Of those tests, 690 results have been positive, or 1.5% positive for those tested.

              Where are all these supposed cases hiding then?

              • (Score: 2) by janrinok on Tuesday March 31 2020, @11:45AM

                by janrinok (52) Subscriber Badge on Tuesday March 31 2020, @11:45AM (#977580) Journal

                In the UK, the instruction is if mild symptoms begin, start isolation. Nobody in isolation can leave home for any reason. If you are well after (I think) 7 days and all symptoms have disappeared then you may leave your home (under the restrictions in force at that time) and continue to follow the instructions that everyone else must follow. If the symptoms increase however, you should seek advice from the NHS who will advise on the next steps. You may be taken to hospital directly where you will be tested to confirm that your symptoms are COVID-19, or you may be visited by a specialist team who will also carry out the test. Depending upon the results then you will receive the appropriate treatment in hospital.

                So, the only test that you will actually have is to confirm COVID-19 when arriving at hospital or when visited by a specialist team. Only those with confirmed COVID-19 will be placed in a COVID-19 treatment ward.

                When a period of isolation begins at the first sign of symptoms, others in the household must self-isolate for 14 days to give the virus time to develop and and run its course again before they leave home.

                Those with only minor symptoms - which might well be COVID-19 but do not need formal hospitalisation - will recover without any significant treatment or testing and will remain at home. That is why the test to detect those who have had COVID-19 is so important. Scientists are trying to establish how many people will recover without medical intervention. Many medical staff are self-isolating with minor symptoms but afterwards it is not known whether it actually was COVID-19. This is putting additional pressure on the NHS because of staff shortages. Those that have had COVID-19 should have some immunity and could be usefully employed back in the NHS, which is what they themselves want to do.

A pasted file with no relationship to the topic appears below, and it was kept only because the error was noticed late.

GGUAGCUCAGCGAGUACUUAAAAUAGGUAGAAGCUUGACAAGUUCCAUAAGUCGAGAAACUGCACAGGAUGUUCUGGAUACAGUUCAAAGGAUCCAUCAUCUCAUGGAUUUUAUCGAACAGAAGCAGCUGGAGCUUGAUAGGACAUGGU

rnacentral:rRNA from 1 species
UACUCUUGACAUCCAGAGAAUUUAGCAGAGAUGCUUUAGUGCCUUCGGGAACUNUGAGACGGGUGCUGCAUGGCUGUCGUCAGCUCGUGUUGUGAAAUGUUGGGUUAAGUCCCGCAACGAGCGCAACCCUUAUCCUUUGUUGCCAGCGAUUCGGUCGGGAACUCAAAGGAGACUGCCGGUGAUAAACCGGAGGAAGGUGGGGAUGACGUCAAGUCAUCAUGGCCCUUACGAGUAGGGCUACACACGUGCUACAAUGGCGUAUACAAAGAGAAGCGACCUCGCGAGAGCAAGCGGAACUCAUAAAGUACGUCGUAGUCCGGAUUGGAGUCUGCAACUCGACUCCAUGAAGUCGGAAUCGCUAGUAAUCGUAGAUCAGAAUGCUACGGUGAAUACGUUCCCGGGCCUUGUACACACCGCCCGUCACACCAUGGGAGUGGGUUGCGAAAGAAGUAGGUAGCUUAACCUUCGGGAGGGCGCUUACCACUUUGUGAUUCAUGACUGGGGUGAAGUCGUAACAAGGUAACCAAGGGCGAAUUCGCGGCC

As testing kits become more widely available the time and location of testing will be adapted to maximise the detection rate. What is not wanted is people who might have CV-19 turning up at a testing place and potentially infecting others who might be there but do not actually have CV-19.

              • (Score: 2) by toddestan on Thursday April 02 2020, @03:03AM

                by toddestan (4982) on Thursday April 02 2020, @03:03AM (#978219)

                It's just common sense. If you start feeling sick, what are you going to do? I know what I'm going to do: Stay home, rest, drink plenty of fluids, and see if I get better. If I get better, then that's the end of it. If I end up getting worse to the point where I need medical attention, I'll seek it out.